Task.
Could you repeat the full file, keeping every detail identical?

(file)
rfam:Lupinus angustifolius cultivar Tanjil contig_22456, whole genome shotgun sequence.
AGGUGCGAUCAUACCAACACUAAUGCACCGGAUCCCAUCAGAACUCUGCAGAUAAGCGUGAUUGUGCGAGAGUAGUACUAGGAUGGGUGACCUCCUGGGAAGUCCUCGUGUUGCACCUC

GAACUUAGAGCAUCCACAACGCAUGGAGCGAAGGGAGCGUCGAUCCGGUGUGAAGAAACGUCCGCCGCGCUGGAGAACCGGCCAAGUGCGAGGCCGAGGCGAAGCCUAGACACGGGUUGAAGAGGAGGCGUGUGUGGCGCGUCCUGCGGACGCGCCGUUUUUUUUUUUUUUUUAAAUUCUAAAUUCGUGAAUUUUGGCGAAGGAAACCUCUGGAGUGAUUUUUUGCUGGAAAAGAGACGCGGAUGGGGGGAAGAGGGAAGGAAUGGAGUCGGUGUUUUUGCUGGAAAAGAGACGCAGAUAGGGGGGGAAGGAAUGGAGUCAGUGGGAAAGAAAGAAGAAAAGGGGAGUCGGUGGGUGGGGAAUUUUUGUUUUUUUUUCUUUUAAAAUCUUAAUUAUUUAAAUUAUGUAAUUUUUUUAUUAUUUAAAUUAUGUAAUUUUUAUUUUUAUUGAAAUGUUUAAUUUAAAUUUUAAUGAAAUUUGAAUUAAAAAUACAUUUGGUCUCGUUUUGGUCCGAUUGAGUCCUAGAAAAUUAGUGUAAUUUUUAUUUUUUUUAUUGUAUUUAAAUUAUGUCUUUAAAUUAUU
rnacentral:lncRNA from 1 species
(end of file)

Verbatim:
rfam:Lupinus angustifolius cultivar Tanjil contig_22456, whole genome shotgun sequence.
AGGUGCGAUCAUACCAACACUAAUGCACCGGAUCCCAUCAGAACUCUGCAGAUAAGCGUGAUUGUGCGAGAGUAGUACUAGGAUGGGUGACCUCCUGGGAAGUCCUCGUGUUGCACCUC

GAACUUAGAGCAUCCACAACGCAUGGAGCGAAGGGAGCGUCGAUCCGGUGUGAAGAAACGUCCGCCGCGCUGGAGAACCGGCCAAGUGCGAGGCCGAGGCGAAGCCUAGACACGGGUUGAAGAGGAGGCGUGUGUGGCGCGUCCUGCGGACGCGCCGUUUUUUUUUUUUUUUUAAAUUCUAAAUUCGUGAAUUUUGGCGAAGGAAACCUCUGGAGUGAUUUUUUGCUGGAAAAGAGACGCGGAUGGGGGGAAGAGGGAAGGAAUGGAGUCGGUGUUUUUGCUGGAAAAGAGACGCAGAUAGGGGGGGAAGGAAUGGAGUCAGUGGGAAAGAAAGAAGAAAAGGGGAGUCGGUGGGUGGGGAAUUUUUGUUUUUUUUUCUUUUAAAAUCUUAAUUAUUUAAAUUAUGUAAUUUUUUUAUUAUUUAAAUUAUGUAAUUUUUAUUUUUAUUGAAAUGUUUAAUUUAAAUUUUAAUGAAAUUUGAAUUAAAAAUACAUUUGGUCUCGUUUUGGUCCGAUUGAGUCCUAGAAAAUUAGUGUAAUUUUUAUUUUUUUUAUUGUAUUUAAAUUAUGUCUUUAAAUUAUU
rnacentral:lncRNA from 1 species